Transocean's Development Driller III started drilling a first relief well on 2 May. GSF Development Driller II started drilling a second relief on 16 May.[88][89][90] On 3 August, first test oil and then drilling mud was pumped at a slow rate of approximately 2 barrels (320 L) per minute into the well-head. Pumping continued for eight hours, at the end of which time the well was declared to be "in a static condition."[91] On 4 August, BP began pumping cement from the top, sealing that part of the flow channel permanently.[92]

My Bold.

Google Earth shows the position to be some sort of slimes dam.

thc0655's picture
thc0655
Status: Diamond Member (Offline)
Joined: Apr 27 2010
Posts: 1513
More money than crime

Good find Poet!

8 in 10 SWAT Raids Were Only To Investigate Suspected Criminals

New ACLU Report Takes A Snapshot Of Police Militarization In The United States (June 24, 2014)
"Eight in 10 SWAT raids were not initiated to apprehend a school shooter, hostage taker, or escaped felon (the common justification for these tactics), but to investigate someone still only suspected of committing a crime."
http://www.washingtonpost.com/news/the-watch/wp/2014/06/24/new-aclu-report-takes-a-snapshot-of-police-militarization-in-the-united-states/

Poet

As an observer inside a police dept, it never ceases to amaze me the knuckleheaded things I hear about that police (and especially SWAT units) do.  I estimate that this is 60% due to monumentally poor judgment and oversight by police commanders, and 40% due to a condition I call having "more money than crime." I won't comment on the issue of poor judgment/oversight.

Some departments are swimming in money and free time unencumbered by demands on both money and time to respond to real crime as it happens.  As a result, these departments have plenty of money to buy all kinds of cool SWAT stuff and plenty of money to train regularly with it and especially to go on "missions" of dubious wisdom and need.  A department that has difficulty responding to crimes in progress (robberies, shootings, etc.) in less than 10 minutes doesn't have time to pull officers off the street to kick in doors where someone MIGHT be growing marijuana.  But a department that hasn't had a shooting in three months has officers with plenty of time on their hands to get into "other stuff."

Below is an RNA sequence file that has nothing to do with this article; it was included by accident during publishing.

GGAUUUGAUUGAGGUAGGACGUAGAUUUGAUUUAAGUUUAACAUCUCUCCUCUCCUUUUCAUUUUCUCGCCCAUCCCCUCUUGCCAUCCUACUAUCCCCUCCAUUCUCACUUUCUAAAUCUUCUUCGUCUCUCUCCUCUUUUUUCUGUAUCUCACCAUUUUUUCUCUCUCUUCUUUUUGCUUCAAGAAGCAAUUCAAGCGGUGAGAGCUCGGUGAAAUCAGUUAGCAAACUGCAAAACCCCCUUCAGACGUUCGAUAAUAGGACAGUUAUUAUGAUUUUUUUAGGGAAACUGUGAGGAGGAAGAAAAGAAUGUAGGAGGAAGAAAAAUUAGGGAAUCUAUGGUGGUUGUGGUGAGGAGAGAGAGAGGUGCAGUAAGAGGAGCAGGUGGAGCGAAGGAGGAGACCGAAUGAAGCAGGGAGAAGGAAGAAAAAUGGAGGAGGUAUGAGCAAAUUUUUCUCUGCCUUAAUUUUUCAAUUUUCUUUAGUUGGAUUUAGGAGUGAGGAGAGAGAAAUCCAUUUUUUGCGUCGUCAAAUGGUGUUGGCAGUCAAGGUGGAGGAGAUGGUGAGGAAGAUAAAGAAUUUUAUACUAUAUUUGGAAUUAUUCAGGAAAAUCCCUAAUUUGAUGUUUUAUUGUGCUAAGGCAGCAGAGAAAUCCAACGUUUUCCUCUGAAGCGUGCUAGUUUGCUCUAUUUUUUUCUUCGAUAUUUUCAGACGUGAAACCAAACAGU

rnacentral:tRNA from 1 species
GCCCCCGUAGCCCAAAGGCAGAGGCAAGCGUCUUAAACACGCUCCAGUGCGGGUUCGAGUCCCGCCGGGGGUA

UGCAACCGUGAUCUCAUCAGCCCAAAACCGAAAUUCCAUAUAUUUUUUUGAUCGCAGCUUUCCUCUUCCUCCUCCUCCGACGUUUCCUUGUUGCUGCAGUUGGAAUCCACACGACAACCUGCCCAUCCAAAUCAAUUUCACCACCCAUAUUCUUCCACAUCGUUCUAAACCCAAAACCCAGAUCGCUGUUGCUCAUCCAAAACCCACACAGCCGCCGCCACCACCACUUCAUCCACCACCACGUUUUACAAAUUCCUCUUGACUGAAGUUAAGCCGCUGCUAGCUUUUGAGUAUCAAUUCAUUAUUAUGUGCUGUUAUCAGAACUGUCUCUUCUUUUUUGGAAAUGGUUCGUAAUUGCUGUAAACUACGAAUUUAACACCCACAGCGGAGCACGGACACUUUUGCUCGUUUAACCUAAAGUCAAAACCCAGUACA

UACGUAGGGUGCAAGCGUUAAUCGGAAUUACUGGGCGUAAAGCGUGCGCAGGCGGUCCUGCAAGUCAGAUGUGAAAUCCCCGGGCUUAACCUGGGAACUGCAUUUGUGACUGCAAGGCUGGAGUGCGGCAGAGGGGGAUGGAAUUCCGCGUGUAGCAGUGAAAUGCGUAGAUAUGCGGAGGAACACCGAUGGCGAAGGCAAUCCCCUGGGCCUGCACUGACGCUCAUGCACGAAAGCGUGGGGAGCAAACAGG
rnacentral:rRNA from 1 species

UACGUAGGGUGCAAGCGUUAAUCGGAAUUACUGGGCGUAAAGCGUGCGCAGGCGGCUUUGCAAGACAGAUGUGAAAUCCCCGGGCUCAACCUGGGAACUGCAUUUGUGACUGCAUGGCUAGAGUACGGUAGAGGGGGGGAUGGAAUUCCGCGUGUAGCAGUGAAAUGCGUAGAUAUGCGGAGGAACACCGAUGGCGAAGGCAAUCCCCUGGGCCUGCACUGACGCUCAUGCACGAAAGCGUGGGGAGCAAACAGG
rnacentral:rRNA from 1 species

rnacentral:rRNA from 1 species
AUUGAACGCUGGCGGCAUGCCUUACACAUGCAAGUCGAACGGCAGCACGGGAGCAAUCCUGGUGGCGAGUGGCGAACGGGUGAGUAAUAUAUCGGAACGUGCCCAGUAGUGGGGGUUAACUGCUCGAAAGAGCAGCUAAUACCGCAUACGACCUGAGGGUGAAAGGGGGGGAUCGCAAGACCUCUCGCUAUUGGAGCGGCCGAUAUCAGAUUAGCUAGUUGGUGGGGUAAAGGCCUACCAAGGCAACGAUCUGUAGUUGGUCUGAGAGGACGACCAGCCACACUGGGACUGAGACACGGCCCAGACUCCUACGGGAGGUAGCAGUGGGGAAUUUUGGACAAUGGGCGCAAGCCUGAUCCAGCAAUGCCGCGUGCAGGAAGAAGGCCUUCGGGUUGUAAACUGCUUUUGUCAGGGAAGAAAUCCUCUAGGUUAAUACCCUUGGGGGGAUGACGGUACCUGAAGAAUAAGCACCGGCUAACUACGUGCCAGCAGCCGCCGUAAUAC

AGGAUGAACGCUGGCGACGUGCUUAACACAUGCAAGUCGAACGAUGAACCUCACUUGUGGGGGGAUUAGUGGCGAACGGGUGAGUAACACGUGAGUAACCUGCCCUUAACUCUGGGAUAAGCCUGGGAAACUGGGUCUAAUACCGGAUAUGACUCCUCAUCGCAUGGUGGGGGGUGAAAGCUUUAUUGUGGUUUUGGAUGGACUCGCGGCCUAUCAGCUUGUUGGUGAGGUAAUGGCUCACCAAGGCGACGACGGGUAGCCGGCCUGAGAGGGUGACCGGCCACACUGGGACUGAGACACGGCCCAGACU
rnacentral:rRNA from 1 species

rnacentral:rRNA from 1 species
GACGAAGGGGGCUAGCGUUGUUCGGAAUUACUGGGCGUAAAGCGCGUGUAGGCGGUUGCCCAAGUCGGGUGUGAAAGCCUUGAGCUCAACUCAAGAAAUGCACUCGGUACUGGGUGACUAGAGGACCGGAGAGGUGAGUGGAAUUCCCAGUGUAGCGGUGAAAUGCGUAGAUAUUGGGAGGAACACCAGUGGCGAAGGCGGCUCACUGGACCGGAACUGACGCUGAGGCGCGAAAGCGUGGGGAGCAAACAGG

You won't hear about very many of these dubious SWAT raids in cities where police are overwhelmed by crime and struggling with inadequate budgets and personnel levels.  You won't hear about many of these raids in places like Detroit, Flint, Philadelphia, San Bernardino, etc.  My department is unable to provide some of the basic essential equipment and the City is allowing our manpower levels to be stripped by attrition.  Our SWAT can't keep up with the active shooters and violent felony arrest warrants, so you won't hear many stories of SWAT abuse from here.

The solution to this part of the problem is heading our way whether we like it or not: economic disaster will strip many cities and towns of the money and free time necessary to go on dubious SWAT raids.

Tom

 

Comment viewing options

Select your preferred way to display the comments and click "Save settings" to activate your changes.
Login or Register to post comments